Ryan Bush’s new book is “probably not for you” — unless you’re one of the rare few itching to reframe your reactions to everyday life and rebuild your worldview. In that case, Bush is ready to welcome you into his self-crafted mindset of wisdom and well-being.
The Asheville-based author makes that sentiment clear in the opening line of his first full-length publication, Designing the Mind: The Principles of Psychitecture. It’s not a typical self-help book, full of tips to lose weight or advance a stalled career. Nor is it a spiritual guide to unlock the secrets of the human soul.
Instead, Bush’s book builds on the philosophies of Buddhism and Stoicism to describe a system for rewiring the brain’s response to external events, a method Bush dubs “psychitecture.” “I describe it as essentially the act of designing and optimizing one’s own mind,” he explains. “It’s this kind of contrast between the ancient idea that true happiness comes from within [and] the modern, almost futuristic metaphor of the mind as an operating system or a piece of software.”
As a teenager, Bush recalls writing thousands of notes on his cell phone tracking his emotional response to daily events. His obsession with psychology faded briefly as he pursued a degree in industrial design from Auburn University and a series of product design jobs with Western North Carolina technology startups. Over time, he became convinced that the same protocols used by computers to process information could be applied to the human mind.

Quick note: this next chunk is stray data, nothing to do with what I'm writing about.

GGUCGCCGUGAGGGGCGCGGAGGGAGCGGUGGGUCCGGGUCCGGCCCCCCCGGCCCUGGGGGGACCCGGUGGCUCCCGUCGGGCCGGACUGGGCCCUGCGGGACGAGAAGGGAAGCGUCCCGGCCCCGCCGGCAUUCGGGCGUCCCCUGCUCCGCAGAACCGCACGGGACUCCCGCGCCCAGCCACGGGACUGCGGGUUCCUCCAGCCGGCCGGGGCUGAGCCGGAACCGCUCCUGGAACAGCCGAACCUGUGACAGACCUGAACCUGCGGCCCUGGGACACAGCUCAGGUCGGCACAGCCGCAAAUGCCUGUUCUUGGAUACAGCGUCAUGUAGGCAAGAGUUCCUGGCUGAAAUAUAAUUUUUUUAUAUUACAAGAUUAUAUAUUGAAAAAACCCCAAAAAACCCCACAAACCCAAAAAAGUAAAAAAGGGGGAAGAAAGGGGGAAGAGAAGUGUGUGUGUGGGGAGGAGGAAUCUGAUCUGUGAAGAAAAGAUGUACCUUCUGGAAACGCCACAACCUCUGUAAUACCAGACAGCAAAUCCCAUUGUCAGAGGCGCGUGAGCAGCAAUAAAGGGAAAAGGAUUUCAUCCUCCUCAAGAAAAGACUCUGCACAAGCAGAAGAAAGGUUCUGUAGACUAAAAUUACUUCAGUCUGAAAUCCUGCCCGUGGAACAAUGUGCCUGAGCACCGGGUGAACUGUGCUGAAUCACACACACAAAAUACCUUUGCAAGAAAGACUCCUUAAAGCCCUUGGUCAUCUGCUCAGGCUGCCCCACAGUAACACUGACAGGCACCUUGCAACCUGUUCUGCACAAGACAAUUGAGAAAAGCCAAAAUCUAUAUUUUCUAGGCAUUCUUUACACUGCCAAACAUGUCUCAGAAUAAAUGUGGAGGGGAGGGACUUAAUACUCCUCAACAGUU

He points to his own social anxiety as a psychitecture success story: In his youth, Bush frequently thought others perceived him as weird. He started writing down his thoughts, what caused them and any emotions they triggered. A pattern of distorted thinking emerged from those notes, he says, and he gradually began exposing himself to potential triggers, pushing him outside his comfort zone and helping overcome his fears.
This take on cognitive reappraisal, a common approach to cognitive behavior therapy used by psychologists to help control fluctuating emotions, is Bush’s favorite of the many tools he provides for readers to rewire their ways of thinking.
“We have the power to change the way we habitually respond to the things that happen to us, be it anxiety or anger or grief,” Bush says. “For those who really want a rational, philosophical approach to spirituality, who really want to not just get better circumstances in their life, but to really become a better, happier person — that’s who I’m writing for.”
It’s a timely message as the COVID-19 pandemic rages on, throwing any sense of normalcy out the window. One person can’t control the spread of the coronavirus, political conflict or any of the other uncertainties swirling around, Bush argues, but anyone can control their own thoughts and attitudes.
“We have these automatic responses and tendencies to catastrophize and to do everything we can to prevent something from happening, even though a lot of the time all we’re doing is ruminating and causing something bad to happen to us,” he says. “If we try our best to understand how our own thoughts and emotions emerge and actually install these ideas into that cycle so that they disengage, we can break free from these habits of anxiety and worry.”